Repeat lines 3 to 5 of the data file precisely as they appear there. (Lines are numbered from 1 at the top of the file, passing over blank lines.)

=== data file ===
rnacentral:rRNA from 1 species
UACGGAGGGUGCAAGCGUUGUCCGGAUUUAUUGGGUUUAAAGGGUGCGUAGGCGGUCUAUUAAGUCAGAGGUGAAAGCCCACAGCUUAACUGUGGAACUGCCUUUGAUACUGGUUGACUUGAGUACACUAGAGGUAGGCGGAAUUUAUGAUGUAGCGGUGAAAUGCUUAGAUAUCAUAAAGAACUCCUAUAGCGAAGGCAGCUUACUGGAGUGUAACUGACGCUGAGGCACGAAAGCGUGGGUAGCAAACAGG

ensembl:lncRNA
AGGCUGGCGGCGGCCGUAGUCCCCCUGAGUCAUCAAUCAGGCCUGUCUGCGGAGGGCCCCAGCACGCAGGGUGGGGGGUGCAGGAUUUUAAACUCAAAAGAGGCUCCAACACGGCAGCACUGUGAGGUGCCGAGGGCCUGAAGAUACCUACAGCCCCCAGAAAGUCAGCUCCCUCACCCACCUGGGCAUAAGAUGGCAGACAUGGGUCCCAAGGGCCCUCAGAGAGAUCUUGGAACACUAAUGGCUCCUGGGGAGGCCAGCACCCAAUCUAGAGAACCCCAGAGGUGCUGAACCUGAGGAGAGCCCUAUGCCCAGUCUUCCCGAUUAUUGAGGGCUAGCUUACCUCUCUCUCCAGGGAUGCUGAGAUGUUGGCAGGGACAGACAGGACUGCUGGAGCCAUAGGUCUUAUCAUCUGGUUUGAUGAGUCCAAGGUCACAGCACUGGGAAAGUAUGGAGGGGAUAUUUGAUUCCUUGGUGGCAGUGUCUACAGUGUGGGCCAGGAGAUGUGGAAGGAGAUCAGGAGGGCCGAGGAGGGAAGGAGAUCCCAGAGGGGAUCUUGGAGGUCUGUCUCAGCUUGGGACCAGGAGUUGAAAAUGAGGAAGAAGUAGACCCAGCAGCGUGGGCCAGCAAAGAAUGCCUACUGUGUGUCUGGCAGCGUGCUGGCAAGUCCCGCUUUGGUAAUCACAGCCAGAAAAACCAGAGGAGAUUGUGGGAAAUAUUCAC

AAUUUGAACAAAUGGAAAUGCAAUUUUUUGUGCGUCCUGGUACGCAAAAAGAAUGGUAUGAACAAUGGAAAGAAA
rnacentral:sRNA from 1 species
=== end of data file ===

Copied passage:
ensembl:lncRNA
AGGCUGGCGGCGGCCGUAGUCCCCCUGAGUCAUCAAUCAGGCCUGUCUGCGGAGGGCCCCAGCACGCAGGGUGGGGGGUGCAGGAUUUUAAACUCAAAAGAGGCUCCAACACGGCAGCACUGUGAGGUGCCGAGGGCCUGAAGAUACCUACAGCCCCCAGAAAGUCAGCUCCCUCACCCACCUGGGCAUAAGAUGGCAGACAUGGGUCCCAAGGGCCCUCAGAGAGAUCUUGGAACACUAAUGGCUCCUGGGGAGGCCAGCACCCAAUCUAGAGAACCCCAGAGGUGCUGAACCUGAGGAGAGCCCUAUGCCCAGUCUUCCCGAUUAUUGAGGGCUAGCUUACCUCUCUCUCCAGGGAUGCUGAGAUGUUGGCAGGGACAGACAGGACUGCUGGAGCCAUAGGUCUUAUCAUCUGGUUUGAUGAGUCCAAGGUCACAGCACUGGGAAAGUAUGGAGGGGAUAUUUGAUUCCUUGGUGGCAGUGUCUACAGUGUGGGCCAGGAGAUGUGGAAGGAGAUCAGGAGGGCCGAGGAGGGAAGGAGAUCCCAGAGGGGAUCUUGGAGGUCUGUCUCAGCUUGGGACCAGGAGUUGAAAAUGAGGAAGAAGUAGACCCAGCAGCGUGGGCCAGCAAAGAAUGCCUACUGUGUGUCUGGCAGCGUGCUGGCAAGUCCCGCUUUGGUAAUCACAGCCAGAAAAACCAGAGGAGAUUGUGGGAAAUAUUCAC

AAUUUGAACAAAUGGAAAUGCAAUUUUUUGUGCGUCCUGGUACGCAAAAAGAAUGGUAUGAACAAUGGAAAGAAA